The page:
nep-cul New Economics Papers
on Cultural Economics
Issue of 2020‒09‒21
three papers chosen by
Roberto Zanola
Università degli Studi del Piemonte Orientale

  1. Big data comes to Hollywood: Audiovisuelle Medienmärkte im digitalen Zeitalter By Gänßle, Sophia
  2. Culture and economic development in Africa – opportunities and challenges By John Kuada
  3. The phenomenon of moscatel sparkling wine in Brazil By Marcos Vinícius Araujo; M.A.C. da Silva; K.L. Bruch

  1. By: Gänßle, Sophia
    Abstract: Die Traumfabrik Hollywood dominiert seit Dekaden die internationale Filmindustrie. Die gro-ßen amerikanischen Studios produzieren und vertreiben Filme, wobei sie alle Innovationen des 20ten Jahrhundert, von Fernsehen über VHS bis Blu-ray, überstanden haben. Die Digitalisie-rung bringt tiefgreifende technische Innovationen und damit auch neuen Wettbewerb in den Markt. Die großen Hollywood Studios stehen nun der Konkurrenz von Streamingdiensten wie Netflix und Amazon Prime Video gegenüber. Die digitale Überlegenheit dieser neuen Giganten und deren Umgang mit Daten stellen einen elementaren Unterschied zu den bisherigen Strate-gien der Studios dar. Dieser Beitrag zeigt die Änderungen auf und analysiert die neue Wettbe-werbssituation in der Filmindustrie.
    Date: 2020
  2. By: John Kuada (Aalborg University, Denmark)
    Abstract: This paper forwards the view that some aspects of African culture enhance economic development on the continent while other aspects tend to constrain development. By drawing on the extant literature on culture and development, the paper discusses the manner in which economic activities are organised in Sub-Saharan African countries and the impact of these processes on their overall development. We argue that insight into the development-constraining attributes of African culture will help policymakers and business people design policies and strategies that will improve the overall performance of African economies.
    Keywords: Culture, economic development, business development, entrepreneurship, Africa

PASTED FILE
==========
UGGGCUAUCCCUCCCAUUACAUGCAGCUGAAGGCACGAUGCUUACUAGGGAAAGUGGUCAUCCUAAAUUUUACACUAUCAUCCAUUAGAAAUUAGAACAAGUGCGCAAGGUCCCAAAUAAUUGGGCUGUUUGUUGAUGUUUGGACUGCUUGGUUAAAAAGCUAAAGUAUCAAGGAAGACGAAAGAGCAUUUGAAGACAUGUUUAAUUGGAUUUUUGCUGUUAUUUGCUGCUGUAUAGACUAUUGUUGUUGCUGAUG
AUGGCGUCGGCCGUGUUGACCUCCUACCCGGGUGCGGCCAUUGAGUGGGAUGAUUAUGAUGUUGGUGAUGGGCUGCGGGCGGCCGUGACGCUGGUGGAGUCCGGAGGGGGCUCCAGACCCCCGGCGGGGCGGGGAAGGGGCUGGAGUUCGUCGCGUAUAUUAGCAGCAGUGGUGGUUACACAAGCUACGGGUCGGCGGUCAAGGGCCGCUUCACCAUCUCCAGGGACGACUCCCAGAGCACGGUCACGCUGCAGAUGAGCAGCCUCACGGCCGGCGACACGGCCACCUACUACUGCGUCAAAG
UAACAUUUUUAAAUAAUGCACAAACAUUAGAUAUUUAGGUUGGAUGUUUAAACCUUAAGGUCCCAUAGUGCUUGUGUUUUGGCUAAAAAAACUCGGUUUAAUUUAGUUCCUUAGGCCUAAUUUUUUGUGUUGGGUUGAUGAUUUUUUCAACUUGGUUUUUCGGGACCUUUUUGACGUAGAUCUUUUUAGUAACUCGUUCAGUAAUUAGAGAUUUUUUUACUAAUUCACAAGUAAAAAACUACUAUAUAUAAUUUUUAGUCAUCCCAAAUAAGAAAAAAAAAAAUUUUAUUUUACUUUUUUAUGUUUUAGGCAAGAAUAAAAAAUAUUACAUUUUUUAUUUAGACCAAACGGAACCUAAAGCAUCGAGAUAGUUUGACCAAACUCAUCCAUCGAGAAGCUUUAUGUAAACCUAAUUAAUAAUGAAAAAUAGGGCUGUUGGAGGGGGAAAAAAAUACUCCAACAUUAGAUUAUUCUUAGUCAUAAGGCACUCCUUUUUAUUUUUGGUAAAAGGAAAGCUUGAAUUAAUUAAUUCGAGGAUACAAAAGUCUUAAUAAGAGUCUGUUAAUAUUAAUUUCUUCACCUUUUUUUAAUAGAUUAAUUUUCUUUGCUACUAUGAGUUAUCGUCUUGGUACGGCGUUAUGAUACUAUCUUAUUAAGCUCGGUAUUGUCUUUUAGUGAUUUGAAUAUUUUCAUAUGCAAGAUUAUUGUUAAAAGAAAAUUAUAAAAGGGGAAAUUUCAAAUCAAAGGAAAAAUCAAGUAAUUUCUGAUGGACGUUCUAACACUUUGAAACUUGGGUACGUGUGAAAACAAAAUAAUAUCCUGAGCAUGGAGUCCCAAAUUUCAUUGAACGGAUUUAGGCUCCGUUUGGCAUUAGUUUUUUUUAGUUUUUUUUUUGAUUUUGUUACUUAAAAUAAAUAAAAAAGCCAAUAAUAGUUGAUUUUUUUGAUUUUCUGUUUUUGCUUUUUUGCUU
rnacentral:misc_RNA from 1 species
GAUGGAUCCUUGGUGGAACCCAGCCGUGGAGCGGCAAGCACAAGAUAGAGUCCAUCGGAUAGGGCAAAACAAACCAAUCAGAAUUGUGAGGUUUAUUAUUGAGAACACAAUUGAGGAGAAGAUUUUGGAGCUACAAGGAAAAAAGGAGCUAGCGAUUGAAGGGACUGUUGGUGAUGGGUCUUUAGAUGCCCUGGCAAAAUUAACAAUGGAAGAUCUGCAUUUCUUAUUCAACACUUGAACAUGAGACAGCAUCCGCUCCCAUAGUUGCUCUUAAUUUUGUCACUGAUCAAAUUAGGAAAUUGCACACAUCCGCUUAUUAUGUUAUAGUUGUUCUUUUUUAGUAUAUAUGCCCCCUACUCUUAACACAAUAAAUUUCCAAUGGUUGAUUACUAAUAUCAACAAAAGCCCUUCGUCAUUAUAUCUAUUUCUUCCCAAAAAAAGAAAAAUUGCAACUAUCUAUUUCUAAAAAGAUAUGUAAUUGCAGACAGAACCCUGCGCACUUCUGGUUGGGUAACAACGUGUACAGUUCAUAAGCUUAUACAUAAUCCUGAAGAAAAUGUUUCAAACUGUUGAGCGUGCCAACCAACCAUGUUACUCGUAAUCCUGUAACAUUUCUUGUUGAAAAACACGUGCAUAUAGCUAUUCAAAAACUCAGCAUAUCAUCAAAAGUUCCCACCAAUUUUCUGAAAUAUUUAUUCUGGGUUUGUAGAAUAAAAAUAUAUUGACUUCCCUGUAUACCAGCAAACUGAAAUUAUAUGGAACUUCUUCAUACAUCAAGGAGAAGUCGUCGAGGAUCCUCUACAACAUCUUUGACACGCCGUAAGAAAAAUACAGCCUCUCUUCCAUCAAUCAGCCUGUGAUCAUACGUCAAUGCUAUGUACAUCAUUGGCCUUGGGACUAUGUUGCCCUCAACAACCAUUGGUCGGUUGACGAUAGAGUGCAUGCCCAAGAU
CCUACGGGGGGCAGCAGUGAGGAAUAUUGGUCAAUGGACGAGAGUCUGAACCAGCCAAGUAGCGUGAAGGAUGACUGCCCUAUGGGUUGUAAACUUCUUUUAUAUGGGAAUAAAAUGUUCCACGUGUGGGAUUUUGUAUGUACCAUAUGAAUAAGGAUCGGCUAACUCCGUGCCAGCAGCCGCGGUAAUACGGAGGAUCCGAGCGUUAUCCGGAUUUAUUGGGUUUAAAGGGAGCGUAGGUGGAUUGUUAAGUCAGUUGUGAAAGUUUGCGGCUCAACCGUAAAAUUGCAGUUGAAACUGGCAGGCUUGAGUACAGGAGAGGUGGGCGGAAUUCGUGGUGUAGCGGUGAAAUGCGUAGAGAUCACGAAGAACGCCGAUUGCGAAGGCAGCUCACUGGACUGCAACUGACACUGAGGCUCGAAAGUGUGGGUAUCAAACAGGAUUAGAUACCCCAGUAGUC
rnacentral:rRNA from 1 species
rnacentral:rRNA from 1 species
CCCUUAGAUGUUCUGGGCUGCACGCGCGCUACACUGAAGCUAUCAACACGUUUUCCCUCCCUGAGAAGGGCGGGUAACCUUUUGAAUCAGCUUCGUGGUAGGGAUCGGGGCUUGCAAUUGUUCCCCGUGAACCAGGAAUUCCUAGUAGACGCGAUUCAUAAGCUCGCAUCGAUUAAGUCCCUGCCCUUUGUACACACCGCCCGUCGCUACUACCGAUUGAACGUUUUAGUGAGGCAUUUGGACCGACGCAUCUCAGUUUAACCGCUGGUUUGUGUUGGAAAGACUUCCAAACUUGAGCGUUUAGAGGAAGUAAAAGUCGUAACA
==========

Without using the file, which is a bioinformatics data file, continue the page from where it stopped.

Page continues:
Date: 2020–09
  3. By: Marcos Vinícius Araujo (LPS - Laboratoire de Psychologie Sociale - AMU - Aix Marseille Université, UFRGS - Universidade Federal do Rio Grande do Sul [Porto Alegre]); M.A.C. da Silva (UFRGS - Universidade Federal do Rio Grande do Sul [Porto Alegre]); K.L. Bruch (UFRGS - Universidade Federal do Rio Grande do Sul [Porto Alegre])
    Abstract: This article sought bases and contexts of social representation of sparkling wine muscatel in Brazil. It is a base for more complex studies. A phenomenon of increased sparkling wine consumption in Brazil was perceived, mainly from muscatel sparkling wine, which increased by 417% from 2005 to 2017. Sparkling wine is a product that appeared in France and migrated to other countries after colonization. In Brazil, it has been gaining more and more visibility, be it in music, news, supermarkets, and other social contexts. To understand this phenomenon, we sought the media and cultural databases, i.e. music, online newspapers. In Brazilian music, the sparkling wine is represented as a luxury product, which refers to romance, festivities, celebrations, special moments, seduction, special gifts, social differentiation, among others. In others media, it is perceived as a fresh, light drink, with pleasant sweetness and easiness to drink, and also an option for those who want to start venturing into the world of wine. As an exploratory and developing research, it was possible to lay down a foundation for further investigation about the social representation of sparkling wine in Brazil.
    Date: 2019

This nep-cul issue is ©2020 by Roberto Zanola. It is provided as is without any express or implied warranty. It may be freely redistributed in whole or in part for any purpose. If distributed in part, please include this notice.
General information on the NEP project can be found at For comments please write to the director of NEP, Marco Novarese at <>. Put “NEP” in the subject, otherwise your mail may be rejected.
NEP’s infrastructure is sponsored by the School of Economics and Finance of Massey University in New Zealand.